Hey my lovely readers,

It’s Monday, but with the sun shining, and a holiday midweek, I have no complaints!

I also had a lovely (loving that word right now, so Victorian) Sunday with a great church service with a message that really hit home.  Right now we’re on a new series called “Parable-writing a better story for my life.” A church member came forward and shared his experience with raising a 13 year old severely autistic son and his battle to have faith-why should he/his son be dealt such a bad hand in life? Similarly, I feel like my father was taken away from me early in life.  He was diagnosed with multiple sclerosis before I was born and I grew up watching him suffer and deteriorate from the disease until he passed away during the winter of my senior year of high school. And while I feel like I was robbed of the chance to have him walk me down the aisle one day, teach me how to drive a stick shift, push me in the pool to make me a swimming rock star (he was captain of his swim team, life guard, etc), and in general just to get to know him better (I just found out from my grandma that he was certified in scuba diving); my faith never wavered.

I don’t mean to make myself sound better or higher than anyone else, but I’ve always understood that things happen for a reason. As awful as it may sound my parents’ divorce when I was just 2 was a blessing.  I had the chance to become really close to my grandma when I went to visit my dad on the weekends and as selfish as it may be, I would have a completely different life if my mother and myself were my father’s primary care providers as his illness progressed.  My grandmother and grandfather, were his angels. While it was never easy for my grandmother, it was her son and she would have done anything for him.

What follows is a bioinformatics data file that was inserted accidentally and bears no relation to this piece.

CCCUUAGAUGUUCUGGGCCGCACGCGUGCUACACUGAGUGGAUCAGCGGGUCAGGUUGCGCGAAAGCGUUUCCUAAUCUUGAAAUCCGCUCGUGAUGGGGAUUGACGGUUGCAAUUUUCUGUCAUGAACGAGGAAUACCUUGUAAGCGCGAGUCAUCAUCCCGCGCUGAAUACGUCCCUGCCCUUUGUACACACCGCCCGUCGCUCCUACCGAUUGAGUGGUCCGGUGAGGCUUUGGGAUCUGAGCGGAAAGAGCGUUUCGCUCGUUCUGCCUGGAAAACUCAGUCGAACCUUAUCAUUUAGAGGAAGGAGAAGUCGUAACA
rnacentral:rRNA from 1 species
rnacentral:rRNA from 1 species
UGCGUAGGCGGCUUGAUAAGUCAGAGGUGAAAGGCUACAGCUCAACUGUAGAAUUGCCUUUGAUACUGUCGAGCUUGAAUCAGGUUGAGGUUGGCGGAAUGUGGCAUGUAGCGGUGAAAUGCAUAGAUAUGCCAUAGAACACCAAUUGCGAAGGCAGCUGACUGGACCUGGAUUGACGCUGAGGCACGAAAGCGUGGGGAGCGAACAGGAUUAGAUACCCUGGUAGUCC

Anyhow, I guess my point is people are placed into this world to make a difference in the lives of others. Life isn’t fair, but why should it be?  Tough times make us stronger, build our character, and make us want more out of life. My father’s disease, my mother’s type 1 diabetes, my great aunt’s  syringomyelia, and my cousin’s lupus, drove my interest in biomedical research. And personal experiences continues to motivate me to pursue my interest in public health, particularly race and health disparities in relation to neighborhood stressors.

Moving on, I spent the rest of the afternoon watching the Eurocup final, and catching up with Amanda at Candle Cafe.

Last night, I attempted to get to bed early in order to beat the heat with an early workout, but no dice. My head was racing, and I tossed and turned for a good hour before I decided to just get up and read until the sleepiness came.  I started reading Shades of Darkness, but that did little clear my head, so I shifted to some public health articles.

This little dog also did not help in the sleep department.  Since her hair cut last Wednesday she is all up on me at night, to steal my warmth?  I like to cuddle but even with her little size she manages to push me to the edge of the bed :(.

Off to get some lab reading done, this post ended up being longer than I intended but it was nice to pause and reflect.  Not to mention lab has been noisier than normal (which is ridiculous because its already gotten pretty bad the last couple of months) and is just quieting down, and I need to take advantage while it last!

Laters,

Nicole

 


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